The wood flooring industry has done a good job in recent years communicating the message that wood flooring is a dynamic material subject to changes in dimension as a result of changes in humidity in the surrounding environment. This has led to increasing awareness of the need to acclimate wood flooring before installation. Unfortunately, some installers have heard the message as, “Leaving wood flooring at the job site for two weeks will properly acclimate the wood, no matter what the conditions are.” In truth, some wood flooring may already be at the proper moisture content when it is delivered. To allow it to sit at the job site under excessively humid conditions will only cause the flooring to absorb unwanted moisture.

We understand the dynamics of water and wood and make educated judgments about when and how much acclimation is required. Our wood maestro will let you know about acclimation depending on the season of the year, the weather conditions, and the product you have chosen.

  • Are wood floors hard to maintain?

No. A hardwood floor finished at the factory features three to seven layers of a UV-cured polyurethane. This finish gives the floor a tough, durable, and smooth no-wax surface that is both luxurious and easy-care.

Routine maintenance is a little more than simple sweeping and vacuuming. Always make sure your hardwood floors are protected from moisture and heavy wear that creates scratches. Preventive maintenance like area rugs, floor protectors (on ALL furniture on your hardwood floors), and routine maintenance with proper hardwood floor cleaner should always be exercised (use of improper products can contribute to additional wear, may VOID your warranty, and cause failure when recoating).

  • Are wood floors Ecological?

Unlike most floor coverings, wood floors come from a sustainable natural resource. Long gone are the days when timber was cut down with little thought for the long-term consequences on the nation’s forests. Today, most timber is cut from forests that are carefully managed to ensure continued resources in the future. In fact, according to U.S. Forest Service statistics, almost twice as many hardwood trees are added annually through new growth as are harvested. Additionally, there are more standing hardwood trees today than there were 50 years ago.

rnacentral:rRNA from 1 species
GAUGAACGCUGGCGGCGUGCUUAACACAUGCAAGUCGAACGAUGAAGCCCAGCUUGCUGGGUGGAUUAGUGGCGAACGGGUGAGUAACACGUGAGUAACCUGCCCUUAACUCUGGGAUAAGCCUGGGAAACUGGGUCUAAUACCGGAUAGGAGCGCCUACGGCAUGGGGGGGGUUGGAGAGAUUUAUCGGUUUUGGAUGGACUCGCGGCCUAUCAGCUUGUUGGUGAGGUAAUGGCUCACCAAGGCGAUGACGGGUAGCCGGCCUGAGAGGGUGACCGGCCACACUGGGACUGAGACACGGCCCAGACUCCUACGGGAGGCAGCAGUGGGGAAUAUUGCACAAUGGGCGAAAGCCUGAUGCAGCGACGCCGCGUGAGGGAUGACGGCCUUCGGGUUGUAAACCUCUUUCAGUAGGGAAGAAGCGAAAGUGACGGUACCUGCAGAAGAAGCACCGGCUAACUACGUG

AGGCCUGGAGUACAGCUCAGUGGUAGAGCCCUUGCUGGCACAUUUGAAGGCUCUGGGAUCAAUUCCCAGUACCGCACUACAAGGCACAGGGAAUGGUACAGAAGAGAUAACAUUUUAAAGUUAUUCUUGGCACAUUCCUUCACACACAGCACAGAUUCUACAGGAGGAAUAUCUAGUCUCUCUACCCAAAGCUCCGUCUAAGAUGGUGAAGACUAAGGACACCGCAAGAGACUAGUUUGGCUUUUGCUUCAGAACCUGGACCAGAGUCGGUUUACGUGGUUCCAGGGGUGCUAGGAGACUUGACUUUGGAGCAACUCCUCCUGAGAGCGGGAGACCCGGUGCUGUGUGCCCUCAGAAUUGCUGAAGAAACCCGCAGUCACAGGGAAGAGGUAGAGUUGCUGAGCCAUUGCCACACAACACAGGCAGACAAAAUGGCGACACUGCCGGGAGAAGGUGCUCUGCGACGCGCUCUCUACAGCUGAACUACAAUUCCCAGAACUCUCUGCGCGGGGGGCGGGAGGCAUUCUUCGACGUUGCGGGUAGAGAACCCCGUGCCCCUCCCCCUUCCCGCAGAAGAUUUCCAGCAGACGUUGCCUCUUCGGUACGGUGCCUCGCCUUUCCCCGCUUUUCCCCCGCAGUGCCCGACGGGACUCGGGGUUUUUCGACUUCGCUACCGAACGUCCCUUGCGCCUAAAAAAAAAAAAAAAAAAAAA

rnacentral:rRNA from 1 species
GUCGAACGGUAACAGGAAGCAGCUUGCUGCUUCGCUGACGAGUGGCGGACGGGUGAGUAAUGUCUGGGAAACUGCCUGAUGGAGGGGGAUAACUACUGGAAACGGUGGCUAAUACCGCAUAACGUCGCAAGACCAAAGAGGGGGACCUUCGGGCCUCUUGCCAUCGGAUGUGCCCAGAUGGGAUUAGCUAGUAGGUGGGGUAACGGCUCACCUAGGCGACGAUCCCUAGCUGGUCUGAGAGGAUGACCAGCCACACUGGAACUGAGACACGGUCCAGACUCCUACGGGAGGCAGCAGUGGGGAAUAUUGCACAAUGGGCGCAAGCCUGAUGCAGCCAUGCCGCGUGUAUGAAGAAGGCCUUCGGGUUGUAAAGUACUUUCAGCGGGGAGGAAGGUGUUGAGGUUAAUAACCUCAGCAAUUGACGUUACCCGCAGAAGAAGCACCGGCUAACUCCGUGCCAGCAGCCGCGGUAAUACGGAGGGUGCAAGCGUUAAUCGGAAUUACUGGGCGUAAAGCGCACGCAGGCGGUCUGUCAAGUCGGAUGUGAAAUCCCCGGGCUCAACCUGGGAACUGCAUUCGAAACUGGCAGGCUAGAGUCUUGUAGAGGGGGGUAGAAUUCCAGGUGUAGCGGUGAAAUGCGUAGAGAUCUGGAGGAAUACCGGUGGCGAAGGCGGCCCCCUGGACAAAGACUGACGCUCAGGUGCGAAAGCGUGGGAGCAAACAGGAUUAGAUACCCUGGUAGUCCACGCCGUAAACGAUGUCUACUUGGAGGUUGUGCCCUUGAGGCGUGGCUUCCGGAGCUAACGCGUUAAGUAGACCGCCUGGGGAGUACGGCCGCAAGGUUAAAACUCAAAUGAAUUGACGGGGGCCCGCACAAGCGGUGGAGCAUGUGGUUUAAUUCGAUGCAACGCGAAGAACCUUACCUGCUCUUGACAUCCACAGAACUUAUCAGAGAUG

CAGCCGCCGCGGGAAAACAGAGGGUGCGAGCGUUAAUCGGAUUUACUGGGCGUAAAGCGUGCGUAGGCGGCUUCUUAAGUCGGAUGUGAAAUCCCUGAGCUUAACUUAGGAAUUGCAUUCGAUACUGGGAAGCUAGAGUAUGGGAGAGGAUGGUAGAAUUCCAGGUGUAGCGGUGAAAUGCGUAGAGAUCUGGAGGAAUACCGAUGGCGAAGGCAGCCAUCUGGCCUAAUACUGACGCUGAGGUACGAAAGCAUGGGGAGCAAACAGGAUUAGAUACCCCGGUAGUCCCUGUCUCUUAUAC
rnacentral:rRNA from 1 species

• Are wood floors better for allergies?

The Environmental Protection Agency (EPA) has said that indoor air quality is one of our top health threats. Installed in the home or elsewhere, wood floors help contribute to a healthy living environment. Hard surface flooring such as hardwood floors does not trap or harbor dust mites or molds. This creates better air quality for all inhabitants. The hard surface of wood floors also helps avoid artificial substances such as pesticides that can accumulate on some floor coverings. A recent EPA study found that pesticides used in gardens and homes accumulate on floors and other surfaces in the home, but that wood floors greatly reduce the accumulation of such toxins. Another concern for the home environment is the off gassing of toxins that results from some synthetic materials. Any of these chemicals can make people in the home chronically ill.

  • Are wood floors expensive?

Hardwood floors are very competitively price and represent an excellent value when compared to other flooring options. Hardwood floors never have to be replaced and will enhance or even increase the value of your home should you decide to sell. When compared to other flooring products, hardwood floors provide long-lasting value, as Real Wood Floors are “Beauty that last a lifetime”.

  • Is it cost effective to select wood flooring over less costly materials?

Yes! The National Wood Flooring Association (NWFA) and residential real estate agents say that homes with wood floors hold their value better, sell faster, and fetch higher prices (according to a recent, nationwide survey commissioned by the trade organization). By a three-to-one margin, real estate agents said that a house with wood floors would sell faster than a carpeted house. Some 58% said a house with wood floors would bring a higher price.